Southwest Books of the Year
Browsing Complete List - K :
Clicking on a book cover will search for the book in the catalog. If it is not part of our collection, you may request it by clicking on the Can't Find It link. An icon indicates if the book is chosen by a panelist as one of the year's best.
- Killer is Dying, The: A Novel
- By James Sallis. Walker Publishing Company. 232 pp. $24.00.
- Los Angeles has Raymond Chandler. San Francisco has Dashell Hammett. And now Phoenix has James Sallis. In this compelling novel, the author of "Drive" probes in supple language the minds of a trio of outsiders - a dying hit man, a battered cop, and an abandoned youngster. As the characters circle one another in the wake of a botched assassination, Sallis takes readers on a tour of the twenty-first-century urban psyche fueled by loneliness and isolation. More than just a satisfying mystery, this is great literature. [ ]
- Sallis has authored nearly 30 books, about half of them novels. His sizzling, non-stop "Drive" was recently turned into a highly-praised movie. In this latest, set in Phoenix, three lives which seem fated to meet in some disaster find their destinies in other ways. The killer-for-hire of the title has cancer. He has one last job to do, but someone beats him to it, and he finds himself compelled to find out who and why. Meanwhile, the wife of one of the two detectives assigned to the case is also dying of cancer. A third story line introduces a young man whom we may think will later become a killer-for-hire. Terrific writing that will capture the imagination of any mystery fan. [ ]
- Killing Shot, The
- By Johnny Boggs. Pinnacle Books. 312 pp. $5.99.
- Marshal Reilly McGivern is in serious trouble from beginning to end in this thrilling page-turner set in 1890s Southeast Arizona Territory. Rescued by notorious Bloody Jim Pardo from being locked up in his own prison wagon and left to die in desert heat, McGivern hopes to save himself, a young mother, and 10 year old daughter, by pretending he also is an outlaw. Strong characterization, especially of the bad guys, non-stop action, and realistic depiction of the desert terrain in summer add to the excellence of this western. My favorite character was the uncontrollable, courageous, foul-mouthed ten year old Blanche, who has the final say in the book. [ ]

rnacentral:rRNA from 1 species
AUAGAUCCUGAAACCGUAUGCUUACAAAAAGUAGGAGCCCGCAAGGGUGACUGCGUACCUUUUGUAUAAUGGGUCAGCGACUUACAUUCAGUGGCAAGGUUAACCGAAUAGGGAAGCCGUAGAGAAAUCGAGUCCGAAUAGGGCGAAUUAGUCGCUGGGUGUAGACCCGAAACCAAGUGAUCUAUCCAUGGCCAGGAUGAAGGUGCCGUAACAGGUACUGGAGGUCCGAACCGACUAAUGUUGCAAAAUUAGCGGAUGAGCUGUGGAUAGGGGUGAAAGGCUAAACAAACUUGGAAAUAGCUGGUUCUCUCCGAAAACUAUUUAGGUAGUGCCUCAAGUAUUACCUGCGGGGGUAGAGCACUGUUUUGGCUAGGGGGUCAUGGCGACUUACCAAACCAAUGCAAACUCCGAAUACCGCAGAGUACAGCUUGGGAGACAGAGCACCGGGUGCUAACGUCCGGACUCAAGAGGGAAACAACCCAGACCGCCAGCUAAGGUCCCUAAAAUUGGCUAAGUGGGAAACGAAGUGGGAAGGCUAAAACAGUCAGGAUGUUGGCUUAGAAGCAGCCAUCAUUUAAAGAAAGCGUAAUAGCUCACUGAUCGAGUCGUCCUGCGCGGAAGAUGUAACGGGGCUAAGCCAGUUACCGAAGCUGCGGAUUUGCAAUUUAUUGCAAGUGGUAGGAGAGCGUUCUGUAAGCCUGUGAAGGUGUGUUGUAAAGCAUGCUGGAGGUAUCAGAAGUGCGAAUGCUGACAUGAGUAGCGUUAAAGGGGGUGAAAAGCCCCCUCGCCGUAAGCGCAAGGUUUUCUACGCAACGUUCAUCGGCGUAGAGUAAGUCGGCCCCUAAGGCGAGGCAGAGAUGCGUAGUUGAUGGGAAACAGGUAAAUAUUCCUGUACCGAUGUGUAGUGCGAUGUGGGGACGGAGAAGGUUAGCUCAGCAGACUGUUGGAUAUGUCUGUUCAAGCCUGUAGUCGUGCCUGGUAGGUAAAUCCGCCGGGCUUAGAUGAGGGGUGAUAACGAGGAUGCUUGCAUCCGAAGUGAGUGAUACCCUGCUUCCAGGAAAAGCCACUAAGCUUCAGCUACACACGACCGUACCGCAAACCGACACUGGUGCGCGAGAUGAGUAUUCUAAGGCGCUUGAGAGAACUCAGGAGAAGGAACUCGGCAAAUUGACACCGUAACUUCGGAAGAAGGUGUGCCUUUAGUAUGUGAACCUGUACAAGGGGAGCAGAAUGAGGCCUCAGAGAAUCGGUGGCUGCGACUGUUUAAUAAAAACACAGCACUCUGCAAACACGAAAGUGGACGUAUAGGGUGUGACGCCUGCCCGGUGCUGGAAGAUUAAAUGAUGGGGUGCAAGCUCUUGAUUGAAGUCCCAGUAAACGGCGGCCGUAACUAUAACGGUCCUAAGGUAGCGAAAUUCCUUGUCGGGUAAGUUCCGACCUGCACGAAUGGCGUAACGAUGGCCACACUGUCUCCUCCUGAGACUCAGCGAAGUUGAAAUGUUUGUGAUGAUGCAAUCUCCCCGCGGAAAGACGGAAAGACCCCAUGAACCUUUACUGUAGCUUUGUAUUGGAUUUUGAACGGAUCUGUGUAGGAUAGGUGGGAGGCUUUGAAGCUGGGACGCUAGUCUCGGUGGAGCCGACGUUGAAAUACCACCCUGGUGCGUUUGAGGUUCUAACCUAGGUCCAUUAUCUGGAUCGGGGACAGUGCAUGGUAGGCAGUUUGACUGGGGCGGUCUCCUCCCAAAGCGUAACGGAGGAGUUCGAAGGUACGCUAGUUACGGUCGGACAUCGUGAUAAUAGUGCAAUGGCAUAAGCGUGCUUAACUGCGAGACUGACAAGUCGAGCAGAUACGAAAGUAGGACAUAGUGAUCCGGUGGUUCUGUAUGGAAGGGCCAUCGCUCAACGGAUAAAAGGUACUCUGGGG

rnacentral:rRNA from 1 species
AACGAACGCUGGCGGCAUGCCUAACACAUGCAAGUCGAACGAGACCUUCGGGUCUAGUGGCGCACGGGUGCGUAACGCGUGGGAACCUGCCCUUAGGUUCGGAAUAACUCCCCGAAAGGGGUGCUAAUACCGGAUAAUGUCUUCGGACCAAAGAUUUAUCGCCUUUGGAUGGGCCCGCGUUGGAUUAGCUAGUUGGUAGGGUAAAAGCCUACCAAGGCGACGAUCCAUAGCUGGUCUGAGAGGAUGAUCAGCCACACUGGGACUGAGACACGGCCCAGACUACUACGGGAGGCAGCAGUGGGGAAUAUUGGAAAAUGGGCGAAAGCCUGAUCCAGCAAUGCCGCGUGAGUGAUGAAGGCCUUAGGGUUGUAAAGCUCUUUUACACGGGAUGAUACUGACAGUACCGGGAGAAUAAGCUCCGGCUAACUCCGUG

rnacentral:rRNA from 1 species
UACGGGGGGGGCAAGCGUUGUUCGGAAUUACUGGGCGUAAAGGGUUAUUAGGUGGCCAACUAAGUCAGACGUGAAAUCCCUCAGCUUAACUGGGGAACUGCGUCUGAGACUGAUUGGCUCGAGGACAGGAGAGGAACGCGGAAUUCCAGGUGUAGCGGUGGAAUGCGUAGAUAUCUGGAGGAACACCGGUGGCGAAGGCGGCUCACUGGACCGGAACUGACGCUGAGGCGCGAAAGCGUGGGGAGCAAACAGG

- Kissing Arizona
- By Elizabeth Gunn. Severn House Publishers. 208 pp. $28.95.
- Readers who enjoyed Gunn’s earlier mysteries involving Tucson homicide detective Sarah Burke will surely enjoy this one. Multiple story lines involve large scale drug smuggling and constant/recurring efforts by Mexican nationals to enter the U.S. and find work and safety; one young woman even gives the book its title! Meantime, Sarah and her longtime male friend, as well as her niece and mother, find a way to accommodate hectic schedules, a minor stroke, and various troubles that life throws at them. Solid page-turner. [ ]
- Kit Carson: The Life of an American Border Man
- By David Remley. University of Oklahoma Press. 320 pp. Index. $24.95.
- Remley steers a steady course through troubled waters in this interpretive biography of the legendary, and controversial, guide, soldier, and Indian agent. When viewed within the context of his time and culture, Remley concludes, Carson emerges as “a common man of mind and feeling, a human being of his day and place, misrepresented in his own time as a great white hero, and in ours as another damned killer.” Tightly argued, clearly written and backed by an impressive bibliography, this volume in the University of Oklahoma’s western biographies series offers a balanced appraisal for scholars and general readers, alike. [ ]
- This biography of Kit Carson maintains a balanced view between the 19th Century adulation of an American superhero and the more recent revisionist view of Carson as an inhumane slaughterer of Native Americans. Kit wore many hats, traveled many places in the not-yet US in his 40 year career, but he was always guided by principles of loyalty, integrity, and duty. The author credits his keen sense of self-preservation to his border country background (Scots-Irish), but points out that as Carson matured, he understood the importance of compromise as opposed to bloodshed. This book seems unbiased, easily understood, and while well documented, not overly academic. [ ]